CNF Mat – Continuous Nanomaterial Reinforced Sheet Material for Use in Composite Systems


Applied Sciences, Inc. (ASI) has developed a new product form for carbon nanofibers called  “CNF Mat”.  CNF Mat is a continuous nanomaterial sheetgood produced using low-cost, commercially available materials.  Key properties of CNF Mat are flexibility and durability that enable reel-to-reel processing methods such as pre-pregging, and porosity that enables effective infusion with resin.

When compared to other composite materials, CNF Mat provides opportunities to reduce composite weight while adding multi-functionality.  ASI can customize the CNF Mat material to specific applications by tailoring the areal weight, thickness, and electrical conductivity through variation in the CNF fiber type, carrier veil or fabric, and use of binders.

Figure 1. Representation of the materials that are used to make CNF Mat.

Properties of CNF Mat

CNF Mat was originally developed for EMI shielding applications, but is also ideally suited to enhance composite mechanical properties such as interlaminar shear strength, tensile strength, and modulus.  In addition, this emerging class of materials has demonstrated significant reduction in the vibration damping coefficient of composite systems.

Motivation for Development of CNF Mat

The development of a continuous mat or veil material that can replace some conventional composite mat materials with additional functionality is highly desirable. As this material can also be processed on the same production lines as the conventional composites that it replaces, it becomes even more desirable.  In this case, the CNF Mat material incorporates high-quality, multi-functional nanomaterials into composite systems and can be processed using the same equipment or techniques as conventional composites.  In addition, because this product form incorporates pre-dispersed CNF into the sheetgood, issues of dispersion  typically associated with nanomaterials is eliminated.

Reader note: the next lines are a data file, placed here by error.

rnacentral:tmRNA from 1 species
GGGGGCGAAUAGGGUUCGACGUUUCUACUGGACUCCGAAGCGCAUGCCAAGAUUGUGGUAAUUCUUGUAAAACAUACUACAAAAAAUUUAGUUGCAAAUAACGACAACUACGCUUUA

Versatility of CNF Mat Materials

As noted, CNF Mat is produced from low-cost commercially available materials.  Both woven fabrics and non-woven veils can be used as the backbone or substrate of CNF Mat and provides the material sufficient inherent strength for a wide variety of composite processing techniques.  In addition, given the diversity in woven fabrics and non-woven veil materials available, ranging from polymer fiber to metal coated carbon fiber veils, numerous CNF mat compositions are possible, which in turn means there are a vast array of applications for these materials.

Figure 2. CNF Mat materials ready for processing into composite components.

Processing of CNF Mat Materials

Over the last year, ASI has established the ability to produce CNF Mat materials on conventional composites processing lines.  Commercial prepreggers have successfully produced over 300 square feet of continuous CNF mat which was processed on two prepreg lines:

Renegade Materials in Springboro, Ohio and

Cytec Engineered Materials in Anaheim, California.

Figure 3. CNF Mat material being processed on a traditional prepreg line.

The CNF Mat materials processed at Renegade Materials’ industrial scale pre-preg line were processed using with no special handling, backing paper, or equipment required. ASI’s CNF Mat is the first continuous nanomaterial sheetgood to be processed on reel-to-reel equipment on an industrial scale without any special handling or processing considerations needed.

Figure 4. CNF mat processing on Cytec’s 13 inch pre-preg pilot line. Cytec successfully resin-impregnated over 100 linear feet of continuous CNF mat using typical operating conditions.


CNF Mat provides new degrees of freedom in using nanomaterials in composite systems.  CNF Mat not only permits accurate placement of plies, it also eliminates dispersion concern issues associated with nanoparticle reinforced systems and is suited to processing using existing composite processing equipment.  CNF Mat is also durable enough to be directly substituted for conventional materials, using traditional equipment to make prepregs.


Contact Patrick D. Lake to learn more about Nanomat.

Mr. Lake is a Chemical Engineer with experience in growth of VGCF and CNF, and fabrication of high thermal conductivity carbon-carbon composites.  Patrick pioneered the development of ASI’s Nanomat under funding from the US Air Force.  Patrick is currently working to refine the production process and develop new applications for the material.